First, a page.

You can love Jesus and not be an a&$hole

Posted: August 27, 2017 in Uncategorized

Last Saturday I joined with other interfaith clergy to staff a booth at our local Columbia, Missouri Pridefest. It was a large well-attended event. Our booth had a simple concept: We were offering blessings. The form was a kind of glitter paste we would apply to hands, foreheads or cheeks. Lots of people seized the opportunity.

Of course there were those who declined, maybe one-third of those passing by. Some may have been like me, not wanting to get glittered up. For most of the crowd that was not a problem. I suspect others carried grave suspicions about religion in general, so receiving a “blessing” from a religious stranger represented maximum threat. I’ll pass on this one.

Many others presented themselves with curiosity or even longing. All ages responded. They chose their color and where they wanted it applied. And then a pastor gave a simple blessing, something like, “May your life always be filled with peace and joy; you are loved; you are a child of God.” That was typically followed by big smiles and gestures of appreciation. Some were moved to tears. Without having the luxury of long conversations I can imagine why.

For some who had no religious background to speak of this was intuitive, the interior longing for transcendence that many of us have in native ways. They know there are sacred things out there that are mediated by people, events, and experiences. This was one, and if they risked it, they found something, perhaps the tiniest affirmation. It meant a great deal to some. They closed their eyes and soaked it up.

For a smaller number this was a reaffirmation of something they had misplaced or lost, a memory from childhood. Some said explicitly that they hadn’t had touch with church since they had come out or been rejected by a church. One woman sobbed. Her partner said that she was a preacher’s daughter and had lost it all. And now she was given this little gift of love and faith.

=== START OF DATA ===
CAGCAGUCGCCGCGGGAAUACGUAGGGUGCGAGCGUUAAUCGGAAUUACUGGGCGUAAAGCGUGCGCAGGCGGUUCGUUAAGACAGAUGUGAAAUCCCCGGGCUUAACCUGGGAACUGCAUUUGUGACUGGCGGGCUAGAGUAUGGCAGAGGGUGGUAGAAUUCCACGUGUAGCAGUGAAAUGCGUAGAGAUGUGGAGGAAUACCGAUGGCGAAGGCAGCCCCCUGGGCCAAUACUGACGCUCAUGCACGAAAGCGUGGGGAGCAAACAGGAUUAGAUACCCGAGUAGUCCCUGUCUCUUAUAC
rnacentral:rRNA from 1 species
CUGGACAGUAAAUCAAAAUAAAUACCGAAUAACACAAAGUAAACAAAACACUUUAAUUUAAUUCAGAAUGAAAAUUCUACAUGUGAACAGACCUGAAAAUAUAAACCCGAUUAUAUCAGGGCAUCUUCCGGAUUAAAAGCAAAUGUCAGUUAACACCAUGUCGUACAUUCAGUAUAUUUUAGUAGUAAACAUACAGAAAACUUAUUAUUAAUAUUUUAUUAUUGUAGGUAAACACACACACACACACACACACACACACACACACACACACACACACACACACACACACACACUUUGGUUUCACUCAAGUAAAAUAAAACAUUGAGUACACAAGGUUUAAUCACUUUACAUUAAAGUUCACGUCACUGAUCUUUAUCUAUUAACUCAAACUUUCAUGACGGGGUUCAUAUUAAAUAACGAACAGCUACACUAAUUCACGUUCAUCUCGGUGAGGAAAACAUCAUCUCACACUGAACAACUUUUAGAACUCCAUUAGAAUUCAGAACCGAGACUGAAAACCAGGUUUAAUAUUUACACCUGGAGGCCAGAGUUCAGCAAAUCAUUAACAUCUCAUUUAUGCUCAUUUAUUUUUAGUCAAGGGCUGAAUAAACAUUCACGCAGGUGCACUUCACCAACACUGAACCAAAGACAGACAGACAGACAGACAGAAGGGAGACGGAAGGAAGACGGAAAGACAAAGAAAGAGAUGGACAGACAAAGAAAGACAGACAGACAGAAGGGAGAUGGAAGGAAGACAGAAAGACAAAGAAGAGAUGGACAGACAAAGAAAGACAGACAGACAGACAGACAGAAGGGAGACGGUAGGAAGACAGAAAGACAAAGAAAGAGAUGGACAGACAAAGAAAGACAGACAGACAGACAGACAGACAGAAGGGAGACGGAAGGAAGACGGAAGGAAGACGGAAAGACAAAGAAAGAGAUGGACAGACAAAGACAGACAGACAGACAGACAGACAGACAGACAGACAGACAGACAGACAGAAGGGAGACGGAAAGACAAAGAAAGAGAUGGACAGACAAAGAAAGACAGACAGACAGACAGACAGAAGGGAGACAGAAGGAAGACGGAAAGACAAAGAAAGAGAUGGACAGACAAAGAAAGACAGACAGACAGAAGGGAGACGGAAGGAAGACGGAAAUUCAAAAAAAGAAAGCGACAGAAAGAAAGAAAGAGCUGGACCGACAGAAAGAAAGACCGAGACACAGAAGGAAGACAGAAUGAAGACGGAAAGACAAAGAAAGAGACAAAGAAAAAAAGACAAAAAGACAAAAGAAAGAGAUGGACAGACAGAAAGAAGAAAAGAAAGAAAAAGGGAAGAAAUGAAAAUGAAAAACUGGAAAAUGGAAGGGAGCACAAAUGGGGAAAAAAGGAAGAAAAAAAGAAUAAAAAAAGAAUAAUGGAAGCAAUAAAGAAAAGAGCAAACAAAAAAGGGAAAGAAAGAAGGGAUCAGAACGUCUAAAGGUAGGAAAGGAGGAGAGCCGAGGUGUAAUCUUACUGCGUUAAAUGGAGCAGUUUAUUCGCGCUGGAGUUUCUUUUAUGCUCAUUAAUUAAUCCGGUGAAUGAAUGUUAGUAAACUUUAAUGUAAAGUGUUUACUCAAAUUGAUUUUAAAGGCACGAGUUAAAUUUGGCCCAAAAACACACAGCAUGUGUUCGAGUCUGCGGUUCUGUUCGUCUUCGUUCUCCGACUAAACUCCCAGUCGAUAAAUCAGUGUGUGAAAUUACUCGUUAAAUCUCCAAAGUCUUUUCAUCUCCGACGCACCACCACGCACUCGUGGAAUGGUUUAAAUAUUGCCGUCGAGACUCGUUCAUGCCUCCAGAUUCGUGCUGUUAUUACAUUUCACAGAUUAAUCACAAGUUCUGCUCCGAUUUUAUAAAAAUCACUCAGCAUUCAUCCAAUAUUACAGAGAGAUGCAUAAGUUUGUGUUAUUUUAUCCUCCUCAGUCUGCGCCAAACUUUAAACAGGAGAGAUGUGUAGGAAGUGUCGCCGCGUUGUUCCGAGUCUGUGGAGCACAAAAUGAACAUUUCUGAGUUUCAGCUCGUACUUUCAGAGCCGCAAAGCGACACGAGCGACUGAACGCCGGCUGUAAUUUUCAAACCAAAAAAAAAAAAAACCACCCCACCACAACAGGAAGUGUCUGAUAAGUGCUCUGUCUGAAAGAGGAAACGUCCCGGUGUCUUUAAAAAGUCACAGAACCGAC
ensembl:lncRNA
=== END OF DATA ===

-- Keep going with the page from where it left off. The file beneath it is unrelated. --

Though I still wonder how to reach to the margins to those who have been forgotten or rejected by society and have my doubts about how well mainstream churches can reach out, there is something here. We have to go to them not the other way around. Love has to be the real currency. And probably those within their own community need to do the reaching. It’s an open question. There are so many unsafe churches out there and the LGBTQ community is rightly cautious. Many churches say “welcome to all” but when people enter they discover the opposite under a thick coat of religious varnish.

My favorite response came from a man who said that he really needed a blessing. He was struggling with depression and couldn’t lift up and out. He said that he grew up a very fundamentalist Christian and simply couldn’t stand the rigid and judgemental way of faith. When we said that love is the answer and that we fully accept those in the LGTBQ community he asked, “So you love Jesus? And you also love us unconditionally?” When we answered yes he said, “Amazing! So you can love Jesus and not be an a%$hole?”

That gave us a laugh. But it also told a truth. He and many others equate the two,  Christians with a%$holes. That couldn’t more sobering right now, considering what Christians are doing and how. But that gives us our charge. We have to demonstrate that it ain’t necessarily so. I love Jesus. And I really don’t want to be, well, you know.

 

 

Comments
  1. You know I have a soft spot for glitter!! Keep up the good work, Friend. Love…

  2. ELLEN H FLOTTMAN says:

  3. Barb says:

    Beautiful! And what a great idea! Thank you – for reaching out and for sharing with us.

  4. Janie McArthur says:

    Wonderful! We have loved ones who are part of the LGBTQ Community and we have always treated them with love and appreciation. If your ministerial group wants some participation from lay people for your next event, call me! Janie

  5. Dr Al Adams says:

    Would have loved to be there. ..amazing and much needed ministry

  6. hartman6712 says:

    Thank you. I wish more churches would follow this example

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